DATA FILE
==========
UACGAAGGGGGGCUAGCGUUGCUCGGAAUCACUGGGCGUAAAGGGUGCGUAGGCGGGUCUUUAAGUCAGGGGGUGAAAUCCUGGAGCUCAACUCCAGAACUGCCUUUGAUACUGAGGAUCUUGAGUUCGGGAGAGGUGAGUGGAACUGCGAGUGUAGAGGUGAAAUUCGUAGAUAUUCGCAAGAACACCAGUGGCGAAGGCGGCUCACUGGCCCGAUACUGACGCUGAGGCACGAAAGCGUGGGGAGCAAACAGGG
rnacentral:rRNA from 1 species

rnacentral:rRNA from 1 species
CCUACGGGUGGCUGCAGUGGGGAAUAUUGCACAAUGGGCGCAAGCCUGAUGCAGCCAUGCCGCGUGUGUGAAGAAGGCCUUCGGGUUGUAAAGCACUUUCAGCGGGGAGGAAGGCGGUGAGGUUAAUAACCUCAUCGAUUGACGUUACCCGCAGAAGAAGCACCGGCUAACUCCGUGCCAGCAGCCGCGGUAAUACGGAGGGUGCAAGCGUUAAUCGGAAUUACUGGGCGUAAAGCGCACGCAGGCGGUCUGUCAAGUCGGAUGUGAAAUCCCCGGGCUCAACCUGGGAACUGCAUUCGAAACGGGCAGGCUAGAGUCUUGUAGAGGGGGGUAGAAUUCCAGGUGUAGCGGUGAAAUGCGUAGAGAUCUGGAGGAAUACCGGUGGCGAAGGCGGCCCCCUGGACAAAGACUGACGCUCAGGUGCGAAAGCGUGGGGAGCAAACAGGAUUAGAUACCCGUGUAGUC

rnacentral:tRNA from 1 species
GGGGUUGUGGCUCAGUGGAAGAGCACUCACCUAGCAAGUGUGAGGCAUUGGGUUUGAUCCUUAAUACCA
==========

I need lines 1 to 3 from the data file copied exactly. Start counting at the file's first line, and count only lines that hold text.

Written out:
UACGAAGGGGGGCUAGCGUUGCUCGGAAUCACUGGGCGUAAAGGGUGCGUAGGCGGGUCUUUAAGUCAGGGGGUGAAAUCCUGGAGCUCAACUCCAGAACUGCCUUUGAUACUGAGGAUCUUGAGUUCGGGAGAGGUGAGUGGAACUGCGAGUGUAGAGGUGAAAUUCGUAGAUAUUCGCAAGAACACCAGUGGCGAAGGCGGCUCACUGGCCCGAUACUGACGCUGAGGCACGAAAGCGUGGGGAGCAAACAGGG
rnacentral:rRNA from 1 species

rnacentral:rRNA from 1 species